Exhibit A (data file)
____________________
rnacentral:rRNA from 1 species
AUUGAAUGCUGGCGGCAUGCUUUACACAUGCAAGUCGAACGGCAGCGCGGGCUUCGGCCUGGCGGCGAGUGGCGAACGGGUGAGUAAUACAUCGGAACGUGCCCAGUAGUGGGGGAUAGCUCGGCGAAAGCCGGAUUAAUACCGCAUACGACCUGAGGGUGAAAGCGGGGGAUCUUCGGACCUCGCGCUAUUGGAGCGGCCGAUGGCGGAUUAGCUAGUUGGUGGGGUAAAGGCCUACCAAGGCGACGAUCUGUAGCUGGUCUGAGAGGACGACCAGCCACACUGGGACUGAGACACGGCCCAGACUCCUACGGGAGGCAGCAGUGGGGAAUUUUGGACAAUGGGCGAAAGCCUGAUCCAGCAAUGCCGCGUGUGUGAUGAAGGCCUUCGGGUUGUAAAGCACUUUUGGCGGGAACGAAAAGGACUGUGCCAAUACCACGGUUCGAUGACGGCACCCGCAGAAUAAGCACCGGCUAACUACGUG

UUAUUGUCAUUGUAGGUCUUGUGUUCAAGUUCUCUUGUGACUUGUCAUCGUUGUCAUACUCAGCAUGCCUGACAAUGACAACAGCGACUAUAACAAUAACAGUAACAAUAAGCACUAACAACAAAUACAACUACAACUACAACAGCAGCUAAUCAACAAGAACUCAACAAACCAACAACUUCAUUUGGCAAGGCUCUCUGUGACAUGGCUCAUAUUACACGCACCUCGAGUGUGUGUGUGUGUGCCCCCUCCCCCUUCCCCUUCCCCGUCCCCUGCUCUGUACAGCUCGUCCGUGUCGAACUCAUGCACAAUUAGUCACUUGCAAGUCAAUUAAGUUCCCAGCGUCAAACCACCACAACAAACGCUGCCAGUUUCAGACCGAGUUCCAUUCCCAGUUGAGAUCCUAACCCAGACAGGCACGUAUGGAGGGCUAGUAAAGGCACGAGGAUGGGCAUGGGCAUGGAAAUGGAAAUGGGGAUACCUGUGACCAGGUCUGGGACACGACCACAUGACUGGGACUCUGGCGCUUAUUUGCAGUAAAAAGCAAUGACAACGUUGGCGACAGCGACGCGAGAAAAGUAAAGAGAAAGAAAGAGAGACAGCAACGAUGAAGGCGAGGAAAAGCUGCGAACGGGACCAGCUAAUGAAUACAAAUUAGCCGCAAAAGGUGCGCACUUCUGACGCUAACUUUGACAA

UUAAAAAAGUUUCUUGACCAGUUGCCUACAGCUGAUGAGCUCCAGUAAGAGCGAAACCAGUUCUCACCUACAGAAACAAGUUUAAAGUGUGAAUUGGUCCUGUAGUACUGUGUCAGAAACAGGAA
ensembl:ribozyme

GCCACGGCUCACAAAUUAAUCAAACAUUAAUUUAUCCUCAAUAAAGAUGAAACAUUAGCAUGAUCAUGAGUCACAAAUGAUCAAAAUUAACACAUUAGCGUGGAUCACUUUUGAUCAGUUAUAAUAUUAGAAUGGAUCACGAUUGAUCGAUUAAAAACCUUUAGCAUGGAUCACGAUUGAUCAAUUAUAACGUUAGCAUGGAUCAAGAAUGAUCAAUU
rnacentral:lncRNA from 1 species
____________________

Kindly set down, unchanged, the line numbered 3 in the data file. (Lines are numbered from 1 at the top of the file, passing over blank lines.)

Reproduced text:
UUAUUGUCAUUGUAGGUCUUGUGUUCAAGUUCUCUUGUGACUUGUCAUCGUUGUCAUACUCAGCAUGCCUGACAAUGACAACAGCGACUAUAACAAUAACAGUAACAAUAAGCACUAACAACAAAUACAACUACAACUACAACAGCAGCUAAUCAACAAGAACUCAACAAACCAACAACUUCAUUUGGCAAGGCUCUCUGUGACAUGGCUCAUAUUACACGCACCUCGAGUGUGUGUGUGUGUGCCCCCUCCCCCUUCCCCUUCCCCGUCCCCUGCUCUGUACAGCUCGUCCGUGUCGAACUCAUGCACAAUUAGUCACUUGCAAGUCAAUUAAGUUCCCAGCGUCAAACCACCACAACAAACGCUGCCAGUUUCAGACCGAGUUCCAUUCCCAGUUGAGAUCCUAACCCAGACAGGCACGUAUGGAGGGCUAGUAAAGGCACGAGGAUGGGCAUGGGCAUGGAAAUGGAAAUGGGGAUACCUGUGACCAGGUCUGGGACACGACCACAUGACUGGGACUCUGGCGCUUAUUUGCAGUAAAAAGCAAUGACAACGUUGGCGACAGCGACGCGAGAAAAGUAAAGAGAAAGAAAGAGAGACAGCAACGAUGAAGGCGAGGAAAAGCUGCGAACGGGACCAGCUAAUGAAUACAAAUUAGCCGCAAAAGGUGCGCACUUCUGACGCUAACUUUGACAA